What Is The Difference Between Investment Management and Stockbrokers?

The investment services industry can be daunting and ambiguous for individuals who seek a return on their capital. After working hard to earn your wealth, it is important to understand professionals’ different services and what solutions fit you personally. One of the main questions we get asked here is:

“What is the difference between investment management and stockbrokers?”
Firstly, let’s discuss what stockbrokers are – we all have a much better, clearer idea of what they do and who they represent. Stockbrokers are regulated firms that offer financial advice to their clients. A stockbroker buys and sells equities and other securities like bonds, CFDs, Futures, and Options on behalf of their clients in return for a fee or commission. A brokerage/stockbroker will receive a payment on each transaction, whether the idea is profitable.

What Is The Difference Between Investment Management and Stockbrokers? 1

A brokerage can specialize in any investment niche they wish, for example:

FTSE All-Share stocks,
AIM stocks,
European Stocks,
Asian Stocks,
US Stocks
Combinations of the above
Straight equities,

Straight derivative trading (CFDs, Futures & Options)
The main reason why investors choose stockbrokers over any other professional investment service is down to control. Due to a brokerage firm’s nature, they can only execute a trade after you instruct them. This means a brokerage can’t keep buying and selling securities without you knowing – known as churning for commission. However, this doesn’t prevent stockbrokers from giving you several new ideas a week and switching your positions to a new view, Sky Birds.

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However, there are natural flaws in the brokerage industry that because trading ideas can only be executed after being instructed to list a few spots;-

You may miss out on good opportunities due to moves in the market,
You may get in a couple of days later because you were busy and did not make any money after fees,
You may receive a call to close a position, but you cannot without your say.
The above examples can happen when investing with brokerage firms, but this is due to the reliance on gaining authorization from their clients. So, if you are ultra-busy or travel a lot, you could miss opportunities to buy or sell.

What are investment managers?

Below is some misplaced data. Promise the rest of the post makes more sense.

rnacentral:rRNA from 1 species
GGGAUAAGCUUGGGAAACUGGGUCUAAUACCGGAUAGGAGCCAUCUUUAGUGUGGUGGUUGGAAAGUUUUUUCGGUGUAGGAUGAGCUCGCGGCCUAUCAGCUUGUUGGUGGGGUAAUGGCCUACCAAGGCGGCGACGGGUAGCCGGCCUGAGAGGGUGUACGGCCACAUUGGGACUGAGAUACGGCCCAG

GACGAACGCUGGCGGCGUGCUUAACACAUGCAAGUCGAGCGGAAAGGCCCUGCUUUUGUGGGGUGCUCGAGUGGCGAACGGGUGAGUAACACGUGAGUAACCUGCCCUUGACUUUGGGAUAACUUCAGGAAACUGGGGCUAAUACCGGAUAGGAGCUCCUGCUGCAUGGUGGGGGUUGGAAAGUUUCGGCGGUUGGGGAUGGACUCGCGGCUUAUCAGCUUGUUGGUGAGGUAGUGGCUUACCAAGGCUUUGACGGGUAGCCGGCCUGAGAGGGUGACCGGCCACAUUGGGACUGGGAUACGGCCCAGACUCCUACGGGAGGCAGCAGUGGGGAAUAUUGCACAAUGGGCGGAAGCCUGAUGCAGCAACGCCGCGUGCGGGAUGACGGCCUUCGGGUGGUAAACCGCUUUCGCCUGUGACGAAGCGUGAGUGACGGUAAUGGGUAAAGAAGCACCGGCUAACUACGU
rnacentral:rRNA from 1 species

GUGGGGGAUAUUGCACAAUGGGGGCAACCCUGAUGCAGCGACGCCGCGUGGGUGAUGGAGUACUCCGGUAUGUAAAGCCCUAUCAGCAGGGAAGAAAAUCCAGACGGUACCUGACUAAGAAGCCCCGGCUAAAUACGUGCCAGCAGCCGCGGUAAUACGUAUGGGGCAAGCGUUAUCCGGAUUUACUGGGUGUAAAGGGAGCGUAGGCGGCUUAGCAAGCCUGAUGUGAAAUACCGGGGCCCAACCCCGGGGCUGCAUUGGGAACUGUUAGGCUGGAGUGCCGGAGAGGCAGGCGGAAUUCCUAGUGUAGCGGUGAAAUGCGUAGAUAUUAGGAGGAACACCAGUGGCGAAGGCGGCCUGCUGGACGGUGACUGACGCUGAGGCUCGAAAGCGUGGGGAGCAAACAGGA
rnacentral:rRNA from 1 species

Now we understand what stockbrokers/brokerage firms are about, let’s discuss what investment management services can do for individuals.

Investment management firms run differently from brokerages. The core aspect of these services is that professional investment managers use their discretion to make investment decisions. As a client of an investment management firm, you will undergo a rigorous client onboarding process (just like a brokerage firm) to understand your investment goals, the services being used, risk profile, angering to the investment mandate, and allow the service to manage your equity portfolio. The sign-up with the service may seem long-winded, but it’s in your best interest to ensure the service is suitable and appropriate. In reality, it’s not a long-winded process at all. Once you agree to the services offered, you will only be promptly updated on the ongoing account data and portfolio reporting. This means no phone calls to disrupt your day-to-day activities and allows the professionals to focus on your portfolio.

Investment management firms usually have specific portfolios with a track record, into which you can invest your capital according to your appetite for risk. These portfolios will focus on particular securities, economies, risk, and investing types (income, capital growth, or balanced). All of this would be discussed before or during the application process.

Another method investment management firms use is different strategies their portfolio managers implement. These strategies are systematic and thoroughly analyzed before investment decisions are made.

The fees usually associated with investment management firms can vary from each firm. There are three common types of costs, and they are typically combined; costs can be;-

Assets Under Management Fee – This is where you pay a percentage of the portfolio per year to the firm, usually an annual fee. E.g.) 1% AUM Fee on £1,000,000 is £10,000 per year.
Transaction Fee is a fee associated with each transaction made through your portfolio, similar to the brokerage firm’s commission.

Percentage of Profits Fee – Any closed profits generated over a set time will be charged to the firm. E.g.) 10% PoP Fee – the firm develops a fast profit of £10,000 in one quarter – you will be charged £1,000.
The main benefit of investment management firms is that after the service understands your needs and tailors the service around you, it is their job to build a portfolio. It is also the investment management firm’s job to adhere to the investment mandate you agreed on. We’ll talk about this later, so you understand the time frame given what you should expect. Another bonus why high-net-worth individuals choose investment management services is because they are not hassled by phone calls every other day with a new investment idea.